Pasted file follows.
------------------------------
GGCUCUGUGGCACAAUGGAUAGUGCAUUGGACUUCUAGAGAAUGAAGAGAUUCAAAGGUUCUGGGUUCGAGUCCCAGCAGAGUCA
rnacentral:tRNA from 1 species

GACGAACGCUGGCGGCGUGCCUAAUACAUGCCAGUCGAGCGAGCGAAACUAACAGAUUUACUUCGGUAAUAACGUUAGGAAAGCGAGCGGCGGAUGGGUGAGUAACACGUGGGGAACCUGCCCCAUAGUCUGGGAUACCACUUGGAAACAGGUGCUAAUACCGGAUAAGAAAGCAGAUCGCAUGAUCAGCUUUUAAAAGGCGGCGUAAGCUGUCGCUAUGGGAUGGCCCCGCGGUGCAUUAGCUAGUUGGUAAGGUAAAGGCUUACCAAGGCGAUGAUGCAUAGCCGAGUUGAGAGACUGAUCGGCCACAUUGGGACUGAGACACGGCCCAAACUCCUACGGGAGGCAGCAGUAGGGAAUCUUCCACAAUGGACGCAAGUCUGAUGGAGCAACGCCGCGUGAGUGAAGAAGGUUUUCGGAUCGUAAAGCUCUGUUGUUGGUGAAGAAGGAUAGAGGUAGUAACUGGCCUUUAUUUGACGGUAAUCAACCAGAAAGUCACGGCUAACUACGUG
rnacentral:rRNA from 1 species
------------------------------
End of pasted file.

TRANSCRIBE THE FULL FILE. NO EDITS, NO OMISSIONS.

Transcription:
GGCUCUGUGGCACAAUGGAUAGUGCAUUGGACUUCUAGAGAAUGAAGAGAUUCAAAGGUUCUGGGUUCGAGUCCCAGCAGAGUCA
rnacentral:tRNA from 1 species

GACGAACGCUGGCGGCGUGCCUAAUACAUGCCAGUCGAGCGAGCGAAACUAACAGAUUUACUUCGGUAAUAACGUUAGGAAAGCGAGCGGCGGAUGGGUGAGUAACACGUGGGGAACCUGCCCCAUAGUCUGGGAUACCACUUGGAAACAGGUGCUAAUACCGGAUAAGAAAGCAGAUCGCAUGAUCAGCUUUUAAAAGGCGGCGUAAGCUGUCGCUAUGGGAUGGCCCCGCGGUGCAUUAGCUAGUUGGUAAGGUAAAGGCUUACCAAGGCGAUGAUGCAUAGCCGAGUUGAGAGACUGAUCGGCCACAUUGGGACUGAGACACGGCCCAAACUCCUACGGGAGGCAGCAGUAGGGAAUCUUCCACAAUGGACGCAAGUCUGAUGGAGCAACGCCGCGUGAGUGAAGAAGGUUUUCGGAUCGUAAAGCUCUGUUGUUGGUGAAGAAGGAUAGAGGUAGUAACUGGCCUUUAUUUGACGGUAAUCAACCAGAAAGUCACGGCUAACUACGUG
rnacentral:rRNA from 1 species